JG Ballard — 1930-2009
Sci-Fi giant leaves this Ballardian world
JG Ballard, self-confessed visionary of “the psychology of the future” and author of works such as Crash and Empire of the Sun, died on Sunday morning after a long illness. He was 78.
Ballard outgrew the ‘cult author’ tag to cross over into the mainstream. His novels were widely read, beyond the boundaries of the oft-derided science fiction genre. His popularity and the post-modernist themes of his work attracted critical acclaim and bestseller status. He is also rightly recognised as having predicted many of the themes of modern urban life in his dark, dystopian images of the present and near-future.
Ballard was born in Shanghai and spent his early years in the privileged international sector of the Chinese city. In 1941 Shanghai was overrun by the advancing Japanese forces and the family were sent to an internment camp. The experience, its brutality filtered through Ballard’s childish eyes, informed all of his future work. Empire of the Sun, his partly-autobiographical account of life at the camp, was later turned into an Oscar-nominated film by Steven Spielberg.
After returning to Britain in 1946, he went to Cambridge to study medicine, intending to become a psychiatrist, but he abandoned his studies to concentrate full-time on writing. He later described Cambridge as an “academic theme park”, but the examination of the dark recesses of the mind became another constant factor in his later work.
From here he went to the University of London to read English Literature, but was forced to leave before the end of his first year. He then joined the RAF and was stationed to Canada, where he was introduced to science-fiction through American pulp magazines. He left the RAF in 1954, after only two years.
After the publication of numerous science fiction short stories and his first novel, The Wind From Nowhere, over the next few years, in 1962 he wrote The Drowned World. Long before the idea of the Greenhouse Effect became common scientific currency, The Drowned World pictured a tropical London submerged underwater after the melting of the polar ice caps. Although in Ballard’s world this was the result of solar flares rather than global warming, the novel, with its post-apocalyptic themes of isolation and mental disintegration, could be seen as a prototype for his later novels.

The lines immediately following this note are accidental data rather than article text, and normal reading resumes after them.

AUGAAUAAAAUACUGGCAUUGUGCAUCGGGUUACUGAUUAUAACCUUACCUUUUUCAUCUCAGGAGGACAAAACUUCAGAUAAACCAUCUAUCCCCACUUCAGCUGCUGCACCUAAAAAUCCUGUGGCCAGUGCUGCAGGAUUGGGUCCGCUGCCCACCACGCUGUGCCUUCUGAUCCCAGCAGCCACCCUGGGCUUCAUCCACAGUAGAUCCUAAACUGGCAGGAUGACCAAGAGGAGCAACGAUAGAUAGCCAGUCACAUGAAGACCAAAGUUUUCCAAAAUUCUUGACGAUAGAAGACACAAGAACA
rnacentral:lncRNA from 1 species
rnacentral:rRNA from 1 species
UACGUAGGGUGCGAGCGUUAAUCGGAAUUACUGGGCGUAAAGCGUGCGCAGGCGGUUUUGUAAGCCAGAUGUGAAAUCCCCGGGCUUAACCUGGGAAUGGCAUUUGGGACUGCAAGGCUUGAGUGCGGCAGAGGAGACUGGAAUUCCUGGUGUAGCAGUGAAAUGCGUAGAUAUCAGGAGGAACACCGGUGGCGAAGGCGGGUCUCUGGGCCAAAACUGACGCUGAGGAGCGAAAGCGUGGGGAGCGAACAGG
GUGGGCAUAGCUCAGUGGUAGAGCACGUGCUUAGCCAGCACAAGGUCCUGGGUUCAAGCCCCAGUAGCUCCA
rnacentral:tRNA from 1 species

Always controversial, and sometimes even considered pornographic, (The Atrocity Exhibition was banned in the USA for obscenity, and the accusation was repeated at various times throughout his career,) Ballard became a cult figure for his sharply rendered visions of a dystopian present and near-future. Crash, High Rise, Concrete Island and the later trilogy of Cocaine Nights, Super-Cannes and Millennium People all concentrate on the violence, perversity and desperation bubbling under the surface of modern urban life. Crash was later turned into a successful film, directed by David Cronenberg, which was criticised for the depiction of a couple who were sexually stimulated by car crashes and the injuries resulting from them.
Although often condemned on their release, Ballard’s obsession with celebrity, mental collapse and the suppressed violence of modern life have since been more than borne out by the similar obsessions of the modern media.
Anyone who witnessed the hysteria and fetishistic coverage surrounding the death of Princess Diana in a car crash, the broadcasting of Jade Goody’s funeral or the media frenzy around the recent G20 conference would recognise the themes foreshadowed in Ballard’s writings. The voyeurism of YouTube is also strangely Ballardian, a word which appears in the Collins English Dictionary and meaning “resembling or suggestive of the conditions described in J. G. Ballard’s novels and stories, especially dystopian modernity, bleak man-made landscapes and the psychological effects of technological, social or environmental developments.”
He will be missed, as the world turns more Ballardian by the day. ®
Sponsored: DevOps and continuous delivery